Meisner: Prevailing wage is a smart investment

Andy Meisner

Prevailing wage is a smart investment that promotes public safety by making sure that highly-skilled, drug-tested, safety-certified workers staff construction sites, and promotes economic development by paying construction workers a fair wage that they reinvest in the local economy.

Despite Gov. Rick Snyder’s apparent efforts to promote the construction industry as a great career opportunity for Michigan’s young people and unemployed, Republicans in Lansing are waging a misguided war on prevailing wage that hurts these recruitment efforts, and hurts the public with potentially inferior construction quality that puts us all at risk.

With regard to public safety, there are cases throughout the country where a prevailing wage was not paid to supposedly “save money,” and the results were tragic. Florida has no prevailing wage law, making it easier for contractors to hire untrained and undocumented workers for their public works projects. The contractor for the Aucilia River Bridge hired untrained high school students, one of whom was killed by a falling beam. The boy who was killed was 19 years old and it was his first week on the job. The contractor never instructed his workers about the dangers of working near cranes, nor did he hire qualified riggers to transport the beams. Prevailing wage could have prevented this tragedy.

Alabama also has no prevailing wage law, making school construction sites more dangerous for workers and children. During construction of Crossville Elementary School one man was killed and two others were injured when a scaffold collapsed and all three men fell almost 30 feet to the ground. The general contractor had a history of safety violations, particularly with fall protection.

Georgia also has no prevailing wage law, making it difficult for the state to find skilled workers for public projects. A workplace accident left a construction worker at the new Chamblee Charter High School just outside of Atlanta dead when the worker fell off the roof of the new building. The renovations at Chamblee Charter High School were almost $10 million over budget and set back or halted construction on 49 other school construction projects. Construction was completed almost a year late, with students in trailers for almost 9 months.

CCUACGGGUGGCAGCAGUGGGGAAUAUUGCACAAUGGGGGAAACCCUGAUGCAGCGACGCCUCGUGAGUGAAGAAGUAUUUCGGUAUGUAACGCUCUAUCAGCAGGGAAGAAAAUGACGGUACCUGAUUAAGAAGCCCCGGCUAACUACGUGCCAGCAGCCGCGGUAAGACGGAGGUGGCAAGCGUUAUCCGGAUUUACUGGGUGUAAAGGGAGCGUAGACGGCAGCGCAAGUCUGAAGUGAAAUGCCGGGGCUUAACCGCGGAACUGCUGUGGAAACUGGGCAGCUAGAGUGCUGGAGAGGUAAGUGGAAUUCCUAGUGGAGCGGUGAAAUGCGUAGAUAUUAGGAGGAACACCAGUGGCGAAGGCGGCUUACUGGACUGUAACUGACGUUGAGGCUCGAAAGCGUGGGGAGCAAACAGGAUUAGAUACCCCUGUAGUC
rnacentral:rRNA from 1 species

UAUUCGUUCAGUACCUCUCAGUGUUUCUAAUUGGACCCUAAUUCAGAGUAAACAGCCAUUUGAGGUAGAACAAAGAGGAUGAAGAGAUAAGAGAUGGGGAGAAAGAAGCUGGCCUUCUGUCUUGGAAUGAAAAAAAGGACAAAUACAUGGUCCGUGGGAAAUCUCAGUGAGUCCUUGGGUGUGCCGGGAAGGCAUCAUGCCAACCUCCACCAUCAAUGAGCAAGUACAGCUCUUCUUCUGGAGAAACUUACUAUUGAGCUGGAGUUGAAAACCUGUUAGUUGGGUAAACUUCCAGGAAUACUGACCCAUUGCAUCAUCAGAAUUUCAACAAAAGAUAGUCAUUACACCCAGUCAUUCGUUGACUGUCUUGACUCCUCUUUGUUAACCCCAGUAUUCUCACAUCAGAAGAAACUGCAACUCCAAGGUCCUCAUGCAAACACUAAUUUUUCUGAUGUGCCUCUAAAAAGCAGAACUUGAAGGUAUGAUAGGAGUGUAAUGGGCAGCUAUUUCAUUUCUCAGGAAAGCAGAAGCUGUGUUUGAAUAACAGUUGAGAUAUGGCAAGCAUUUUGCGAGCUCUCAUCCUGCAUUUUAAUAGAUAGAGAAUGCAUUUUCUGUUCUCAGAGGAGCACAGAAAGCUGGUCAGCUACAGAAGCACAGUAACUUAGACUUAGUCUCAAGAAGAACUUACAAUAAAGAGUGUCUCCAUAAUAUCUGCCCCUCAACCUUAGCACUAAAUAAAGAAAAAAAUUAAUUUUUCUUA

Welding, rigging, scaffolding, crane operation, and safety are just some of the skills taught in union apprenticeship programs here in Michigan and around the country, which is why men and women going through these programs have earned the right to be paid a prevailing wage. We don't want a single man or woman to enter a job site without the training necessary to keep them safe and productive on a jobsite, and to keep all of us who use those public buildings in the future safe as well.

Eliminating prevailing wage in Michigan undercuts an industry that is critical to Michigan’s public safety and economic development. Without Michigan’s prevailing wage law, training programs like those funded by trades unions to promoted public safety and worker safety would cease to exist, and contractors using lesser-trained workers would be able to underbid for public projects with allegedly lower labor costs, thereby underbidding contractors paying middle class wages.

But those contractors who underbid with cheap labor may not be hiring a skilled, safety-trained, drug-tested workforce. They'll be more likely to hire workers who are undocumented, untrained, and unsafe. They'll be paying less for cheap labor, pocketing more profits, and sticking the public with buildings that are not as safe.

This is no way to invest our tax dollars, which is why Snyder and the Legislature should reject misguided attempts to eliminate prevailing wage. In 2016 and beyond, the people of Michigan should also be wary of ballot initiatives attempting to eliminate prevailing wage.

Andy Meisner is Oakland County Treasurer, vice chairman of the Oakland County Building Authority, and former chairman of the Michigan Land Bank Authority.